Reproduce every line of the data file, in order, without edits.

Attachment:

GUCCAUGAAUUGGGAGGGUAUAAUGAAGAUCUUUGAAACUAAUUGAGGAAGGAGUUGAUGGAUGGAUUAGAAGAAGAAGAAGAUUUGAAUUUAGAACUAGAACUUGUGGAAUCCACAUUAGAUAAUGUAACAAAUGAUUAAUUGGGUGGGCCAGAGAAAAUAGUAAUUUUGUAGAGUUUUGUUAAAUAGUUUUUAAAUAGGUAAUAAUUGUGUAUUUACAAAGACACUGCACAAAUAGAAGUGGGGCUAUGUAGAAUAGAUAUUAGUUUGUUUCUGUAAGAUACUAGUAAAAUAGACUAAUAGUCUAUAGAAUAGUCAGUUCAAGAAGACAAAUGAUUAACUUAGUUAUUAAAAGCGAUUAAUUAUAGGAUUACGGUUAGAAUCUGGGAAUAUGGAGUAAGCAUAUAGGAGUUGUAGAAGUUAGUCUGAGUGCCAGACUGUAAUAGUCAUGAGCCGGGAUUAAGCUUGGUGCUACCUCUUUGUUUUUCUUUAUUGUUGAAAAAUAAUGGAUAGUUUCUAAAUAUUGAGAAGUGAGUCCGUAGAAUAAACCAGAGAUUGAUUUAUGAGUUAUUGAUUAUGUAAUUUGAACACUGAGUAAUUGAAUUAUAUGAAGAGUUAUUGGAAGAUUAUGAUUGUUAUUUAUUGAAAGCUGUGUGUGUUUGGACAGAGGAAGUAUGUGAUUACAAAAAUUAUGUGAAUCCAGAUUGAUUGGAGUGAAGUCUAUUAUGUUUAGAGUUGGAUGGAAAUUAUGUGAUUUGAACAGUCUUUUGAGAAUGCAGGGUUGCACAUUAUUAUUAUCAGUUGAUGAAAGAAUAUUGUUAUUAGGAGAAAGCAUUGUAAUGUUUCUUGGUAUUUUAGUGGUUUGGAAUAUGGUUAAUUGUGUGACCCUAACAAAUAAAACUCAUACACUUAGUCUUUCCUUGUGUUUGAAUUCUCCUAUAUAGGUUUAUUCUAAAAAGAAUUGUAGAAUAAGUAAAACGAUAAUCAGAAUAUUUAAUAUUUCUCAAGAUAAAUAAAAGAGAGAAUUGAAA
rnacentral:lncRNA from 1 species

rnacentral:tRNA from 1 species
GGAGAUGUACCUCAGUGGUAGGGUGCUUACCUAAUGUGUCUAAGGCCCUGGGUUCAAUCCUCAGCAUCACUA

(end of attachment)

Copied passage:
GUCCAUGAAUUGGGAGGGUAUAAUGAAGAUCUUUGAAACUAAUUGAGGAAGGAGUUGAUGGAUGGAUUAGAAGAAGAAGAAGAUUUGAAUUUAGAACUAGAACUUGUGGAAUCCACAUUAGAUAAUGUAACAAAUGAUUAAUUGGGUGGGCCAGAGAAAAUAGUAAUUUUGUAGAGUUUUGUUAAAUAGUUUUUAAAUAGGUAAUAAUUGUGUAUUUACAAAGACACUGCACAAAUAGAAGUGGGGCUAUGUAGAAUAGAUAUUAGUUUGUUUCUGUAAGAUACUAGUAAAAUAGACUAAUAGUCUAUAGAAUAGUCAGUUCAAGAAGACAAAUGAUUAACUUAGUUAUUAAAAGCGAUUAAUUAUAGGAUUACGGUUAGAAUCUGGGAAUAUGGAGUAAGCAUAUAGGAGUUGUAGAAGUUAGUCUGAGUGCCAGACUGUAAUAGUCAUGAGCCGGGAUUAAGCUUGGUGCUACCUCUUUGUUUUUCUUUAUUGUUGAAAAAUAAUGGAUAGUUUCUAAAUAUUGAGAAGUGAGUCCGUAGAAUAAACCAGAGAUUGAUUUAUGAGUUAUUGAUUAUGUAAUUUGAACACUGAGUAAUUGAAUUAUAUGAAGAGUUAUUGGAAGAUUAUGAUUGUUAUUUAUUGAAAGCUGUGUGUGUUUGGACAGAGGAAGUAUGUGAUUACAAAAAUUAUGUGAAUCCAGAUUGAUUGGAGUGAAGUCUAUUAUGUUUAGAGUUGGAUGGAAAUUAUGUGAUUUGAACAGUCUUUUGAGAAUGCAGGGUUGCACAUUAUUAUUAUCAGUUGAUGAAAGAAUAUUGUUAUUAGGAGAAAGCAUUGUAAUGUUUCUUGGUAUUUUAGUGGUUUGGAAUAUGGUUAAUUGUGUGACCCUAACAAAUAAAACUCAUACACUUAGUCUUUCCUUGUGUUUGAAUUCUCCUAUAUAGGUUUAUUCUAAAAAGAAUUGUAGAAUAAGUAAAACGAUAAUCAGAAUAUUUAAUAUUUCUCAAGAUAAAUAAAAGAGAGAAUUGAAA
rnacentral:lncRNA from 1 species

rnacentral:tRNA from 1 species
GGAGAUGUACCUCAGUGGUAGGGUGCUUACCUAAUGUGUCUAAGGCCCUGGGUUCAAUCCUCAGCAUCACUA